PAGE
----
As the climate warms, there will be a variety of impacts on our transportation system, which is a critical element of our entire economic system.
Sea-level rise and storm surge will increase the risk of major coastal impacts, including both temporary and permanent flooding of airports, roads, rail lines, and tunnels. Flooding from increasingly intense downpours will increase the risk of disruptions and delays in air, rail, and road transportation, and damage from mudslides in some areas. The increase in extreme heat will limit some transportation operations and cause pavement and track damage. In Alaska, the melting of permafrost has already begun to compromise roads, railways, and pipelines. On the plus side, decreased extreme cold will provide some benefits such as reduced snow and ice removal costs.
Federal, state, and local agencies are already taking steps to protect transportation systems from climate change impacts. Adaptation measures across the country are shaped by local impacts. Specific adaptation approaches include:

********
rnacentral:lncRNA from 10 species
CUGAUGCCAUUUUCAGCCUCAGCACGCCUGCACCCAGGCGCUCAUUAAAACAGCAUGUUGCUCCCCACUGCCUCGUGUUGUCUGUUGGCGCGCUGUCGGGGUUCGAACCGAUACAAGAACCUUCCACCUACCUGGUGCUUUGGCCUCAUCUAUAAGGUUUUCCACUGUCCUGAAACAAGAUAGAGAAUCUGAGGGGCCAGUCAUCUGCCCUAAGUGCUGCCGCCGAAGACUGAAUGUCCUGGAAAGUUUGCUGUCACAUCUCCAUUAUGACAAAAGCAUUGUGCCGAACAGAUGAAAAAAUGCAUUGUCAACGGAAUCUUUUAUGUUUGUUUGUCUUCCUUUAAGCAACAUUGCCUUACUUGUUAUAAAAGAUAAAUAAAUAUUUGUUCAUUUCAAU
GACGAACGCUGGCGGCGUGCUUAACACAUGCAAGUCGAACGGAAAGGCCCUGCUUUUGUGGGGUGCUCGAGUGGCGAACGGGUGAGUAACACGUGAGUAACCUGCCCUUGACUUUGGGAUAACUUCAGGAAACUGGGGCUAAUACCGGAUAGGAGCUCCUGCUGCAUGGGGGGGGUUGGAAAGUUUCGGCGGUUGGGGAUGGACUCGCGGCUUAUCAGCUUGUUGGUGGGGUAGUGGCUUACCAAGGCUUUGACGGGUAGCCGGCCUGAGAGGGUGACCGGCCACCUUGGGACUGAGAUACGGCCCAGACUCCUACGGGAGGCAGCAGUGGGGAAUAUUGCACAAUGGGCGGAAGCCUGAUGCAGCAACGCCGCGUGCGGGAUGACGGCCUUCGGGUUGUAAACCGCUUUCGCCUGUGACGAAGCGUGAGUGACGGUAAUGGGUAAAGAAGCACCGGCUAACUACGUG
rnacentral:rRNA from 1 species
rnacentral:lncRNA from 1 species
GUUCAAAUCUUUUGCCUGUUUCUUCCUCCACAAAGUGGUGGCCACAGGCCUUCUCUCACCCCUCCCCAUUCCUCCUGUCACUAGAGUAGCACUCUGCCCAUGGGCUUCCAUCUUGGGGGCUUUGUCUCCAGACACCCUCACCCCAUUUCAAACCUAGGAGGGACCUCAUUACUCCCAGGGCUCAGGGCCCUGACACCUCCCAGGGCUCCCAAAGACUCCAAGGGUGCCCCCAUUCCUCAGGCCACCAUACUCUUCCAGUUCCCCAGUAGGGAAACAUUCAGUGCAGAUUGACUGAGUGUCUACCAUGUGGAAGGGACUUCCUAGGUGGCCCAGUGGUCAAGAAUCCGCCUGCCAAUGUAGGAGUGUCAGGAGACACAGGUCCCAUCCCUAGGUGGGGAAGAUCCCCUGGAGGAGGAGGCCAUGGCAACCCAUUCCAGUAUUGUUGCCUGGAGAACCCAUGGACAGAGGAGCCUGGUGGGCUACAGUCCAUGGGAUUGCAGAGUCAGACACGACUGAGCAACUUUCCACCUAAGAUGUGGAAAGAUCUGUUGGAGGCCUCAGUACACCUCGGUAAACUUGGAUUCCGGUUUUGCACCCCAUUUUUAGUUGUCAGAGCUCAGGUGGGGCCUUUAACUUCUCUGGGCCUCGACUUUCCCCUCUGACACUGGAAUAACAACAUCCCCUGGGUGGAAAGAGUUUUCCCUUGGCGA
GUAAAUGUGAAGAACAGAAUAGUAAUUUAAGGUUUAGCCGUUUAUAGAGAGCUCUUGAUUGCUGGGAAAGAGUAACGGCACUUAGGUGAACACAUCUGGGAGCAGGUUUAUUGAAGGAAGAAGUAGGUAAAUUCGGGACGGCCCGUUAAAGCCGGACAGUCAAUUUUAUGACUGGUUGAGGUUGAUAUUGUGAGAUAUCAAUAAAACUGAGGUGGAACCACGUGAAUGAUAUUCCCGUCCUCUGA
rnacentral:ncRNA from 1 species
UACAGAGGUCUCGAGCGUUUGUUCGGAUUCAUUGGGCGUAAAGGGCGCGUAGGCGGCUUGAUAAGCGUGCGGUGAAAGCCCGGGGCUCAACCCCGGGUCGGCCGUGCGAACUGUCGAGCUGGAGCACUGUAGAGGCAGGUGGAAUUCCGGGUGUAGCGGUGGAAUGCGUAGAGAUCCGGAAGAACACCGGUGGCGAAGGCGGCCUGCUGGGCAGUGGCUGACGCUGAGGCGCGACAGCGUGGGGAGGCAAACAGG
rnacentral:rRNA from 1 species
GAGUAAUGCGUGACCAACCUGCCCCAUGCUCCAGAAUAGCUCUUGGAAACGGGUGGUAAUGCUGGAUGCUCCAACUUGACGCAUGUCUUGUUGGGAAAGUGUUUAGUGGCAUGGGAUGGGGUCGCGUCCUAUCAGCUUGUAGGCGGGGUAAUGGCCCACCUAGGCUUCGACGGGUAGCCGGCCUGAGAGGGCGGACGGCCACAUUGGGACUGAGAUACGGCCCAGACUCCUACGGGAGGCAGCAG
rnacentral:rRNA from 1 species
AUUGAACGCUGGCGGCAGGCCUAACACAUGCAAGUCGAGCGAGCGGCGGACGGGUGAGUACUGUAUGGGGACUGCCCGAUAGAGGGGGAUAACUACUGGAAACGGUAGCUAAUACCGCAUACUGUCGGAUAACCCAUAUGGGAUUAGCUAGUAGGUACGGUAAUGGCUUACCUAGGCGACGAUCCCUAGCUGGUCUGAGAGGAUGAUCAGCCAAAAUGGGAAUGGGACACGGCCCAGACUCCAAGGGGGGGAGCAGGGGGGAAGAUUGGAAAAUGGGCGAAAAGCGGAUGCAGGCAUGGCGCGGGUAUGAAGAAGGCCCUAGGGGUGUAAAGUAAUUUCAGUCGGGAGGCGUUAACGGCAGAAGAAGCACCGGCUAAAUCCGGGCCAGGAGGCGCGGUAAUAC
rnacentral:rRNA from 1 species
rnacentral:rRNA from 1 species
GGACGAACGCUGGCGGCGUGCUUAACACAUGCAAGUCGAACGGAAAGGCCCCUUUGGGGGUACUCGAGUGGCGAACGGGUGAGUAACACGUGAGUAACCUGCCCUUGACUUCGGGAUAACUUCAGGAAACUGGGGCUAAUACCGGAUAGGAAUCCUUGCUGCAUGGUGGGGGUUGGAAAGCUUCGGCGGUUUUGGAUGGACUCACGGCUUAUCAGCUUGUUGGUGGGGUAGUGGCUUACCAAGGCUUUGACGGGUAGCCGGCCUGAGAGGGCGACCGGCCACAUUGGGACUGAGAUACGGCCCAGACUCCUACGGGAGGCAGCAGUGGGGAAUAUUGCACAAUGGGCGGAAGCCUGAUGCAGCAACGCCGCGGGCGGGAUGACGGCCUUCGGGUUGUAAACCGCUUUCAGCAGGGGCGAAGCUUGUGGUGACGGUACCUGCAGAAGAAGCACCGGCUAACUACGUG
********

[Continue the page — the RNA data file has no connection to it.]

- raising the elevation of critical infrastructure,
- changing construction and design standards of transportation infrastructure, such as bridges, levees, roads, railways, and airports,
- abandoning or rebuilding important infrastructure in less vulnerable areas.
These adaptations are relatively easy to implement since the transportation infrastructure is in nearly constant need of upkeep — it simply will cost a bit more and will require some foresight in how upgrades are made.
At the same time, changes in transportation are a large part of the solution to the climate problem. In the US, cars and trucks are the largest producer of CO2, producing 28 percent of emissions annually. To adhere to the Paris Agreement emissions goals the US is going to have to control this output. The Obama administration established mandatory fuel standards for cars and trucks, specifically that automakers were to produce cars with an average of 51 miles per gallon by 2025. These standards were loosened by the Trump administration. However, recently the Biden administration strengthened the Obama fuel standards with stringent rules for cars and trucks produced after 2023, but also is requiring US automakers to produce 50% electric vehicles by 2030. This goal is now clearly feasible as battery technology has advanced so significantly recently. These strategies are a central part of the US pledge to cut emissions by 50% from their 2005 levels by 2030.
On a per passenger basis, planes emit a lot more CO2 than cars. Short flights are especially polluting so alternative forms of transportation such as trains are environmentally beneficial. Planes inject CO2 into the upper atmosphere where it has a longer residence time. There are many more cars than planes obviously so the total pollution is higher but cutting back on plane transportation is key to emissions reduction.